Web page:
is recovered in a few hours, and can return to usual activities the next day
with little bother and no mess.
Noticeable Scars, 10 %
Someday one of our patients is going to have
a hypertrophic or keloid scar that is quite noticeable and troublesome. Others
will be self conscious of scars that may be almost imperceptible. The location
of the incision is important in preventing scar formation.
The areola skin is much less likely to have a
hypertrophic scar or keloid than the peri-areolar skin. The axillary incision is
the most hidden, and it too seems much less likely to form a thick scar than the
In a patient who is not known to heal without
visible scar formation from other surgeries that have been done on them, the
inframammary or periareolar sites can give very unattractive results. Sometimes
a single revision can make a lot of improvement, and in other instances, the
scars persist and are troublesome.
Scars of the areolae that are lighter in
color than the color of the areola can be tattooed to match, and this works
well, especially in the person who persists in forming a white line in the
areola in spite of the most carefully performed revision.
Only a few patients will need revision. The
incidence of 10% is arbitrarily chosen to include patients with almost invisible
scars who still feel they are noticeable. Actually 100 % have scars, and whether
or not they are noticeable is a matter of opinion.
As with scars, all breasts are to some extent
unlike. It can be mentioned that God made no two snowflakes, grains of sand or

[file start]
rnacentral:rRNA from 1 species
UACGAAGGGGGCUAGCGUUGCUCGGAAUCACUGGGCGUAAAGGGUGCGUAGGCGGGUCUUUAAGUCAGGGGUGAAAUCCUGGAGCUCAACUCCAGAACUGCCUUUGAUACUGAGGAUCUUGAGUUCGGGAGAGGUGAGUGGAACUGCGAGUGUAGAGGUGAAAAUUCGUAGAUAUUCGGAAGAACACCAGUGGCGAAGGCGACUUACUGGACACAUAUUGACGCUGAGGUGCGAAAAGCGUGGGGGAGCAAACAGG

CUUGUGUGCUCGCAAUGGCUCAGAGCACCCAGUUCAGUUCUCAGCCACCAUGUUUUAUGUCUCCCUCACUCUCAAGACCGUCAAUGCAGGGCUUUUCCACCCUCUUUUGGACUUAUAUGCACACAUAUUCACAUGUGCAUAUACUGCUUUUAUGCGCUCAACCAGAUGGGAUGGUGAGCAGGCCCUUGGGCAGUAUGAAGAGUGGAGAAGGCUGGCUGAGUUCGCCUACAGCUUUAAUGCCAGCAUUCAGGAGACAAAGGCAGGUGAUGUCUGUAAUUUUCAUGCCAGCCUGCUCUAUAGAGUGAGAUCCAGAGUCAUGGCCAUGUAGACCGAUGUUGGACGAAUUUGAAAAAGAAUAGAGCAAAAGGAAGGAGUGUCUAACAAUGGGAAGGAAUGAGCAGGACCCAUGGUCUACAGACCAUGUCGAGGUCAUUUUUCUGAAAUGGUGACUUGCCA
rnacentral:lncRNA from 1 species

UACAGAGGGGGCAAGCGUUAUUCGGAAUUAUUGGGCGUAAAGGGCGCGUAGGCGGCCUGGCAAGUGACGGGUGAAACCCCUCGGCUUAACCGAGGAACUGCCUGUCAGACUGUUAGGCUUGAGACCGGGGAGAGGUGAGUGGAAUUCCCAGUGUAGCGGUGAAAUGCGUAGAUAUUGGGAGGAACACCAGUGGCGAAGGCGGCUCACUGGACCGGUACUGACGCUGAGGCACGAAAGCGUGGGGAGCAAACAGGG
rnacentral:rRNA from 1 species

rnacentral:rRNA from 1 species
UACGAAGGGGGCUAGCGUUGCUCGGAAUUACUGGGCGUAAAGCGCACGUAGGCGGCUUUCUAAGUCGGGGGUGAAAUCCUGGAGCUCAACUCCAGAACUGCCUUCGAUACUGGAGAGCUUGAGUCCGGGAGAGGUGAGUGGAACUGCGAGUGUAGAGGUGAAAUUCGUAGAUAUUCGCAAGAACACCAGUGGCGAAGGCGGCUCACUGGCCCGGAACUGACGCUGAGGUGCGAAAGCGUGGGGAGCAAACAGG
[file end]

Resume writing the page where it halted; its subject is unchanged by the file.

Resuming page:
anything else we can see alike. Whether or not there is significant asymmetry is
a matter of opinion.
It is advisable to mention this possibility
to patients prior to surgery, pointing out asymmetries that already exist. We
try to make the breasts more symmetrical with the operation. The one factor that
can be controlled is volume.
We can use implants of different volumes to
help correct asymmetries in size. Another factor is the position and shape of
the infra-mammary fold that can be made more equal when indicated, and this may
help the appearance quite a bit.
Factors that cannot be controlled with
augmentation alone and would require other surgery are the size and position of
the areola, the protrusion of the nipples, pigmentation, shape, and many other
inequalities and asymmetries.
One of the best ways patients with a certain
shape can tell what kind of result they are most likely to have is to see before
and after photographs of patients who have a shape similar to theirs before
Numbness, 10 %
Many surgeons will say they have no problems
with numbness, and this is partly because the surgeon cannot feel it and he is
unaware of it. It is not the surgeon's personal problem, and yet it may be a
patient's problem. All patients have a little bit of numbness with almost any
surgery when there is an incision.
With augmentation mammoplasty the most common
numbness occurs in the lower half of the breast inferior to the areola,
especially when there was not much breast tissue to begin with and the
infra-mammary fold is lowered, or if a large implant is used.
This mostly goes away and doesn't bother many
patients. Numbness of the nipples does bother some patients, and occasionally
the sensation of the nipples is very important to the patient, and they need to
know there is a risk it may be reduced, or even absent (though rarely).
The nerve to the nipple primarily comes from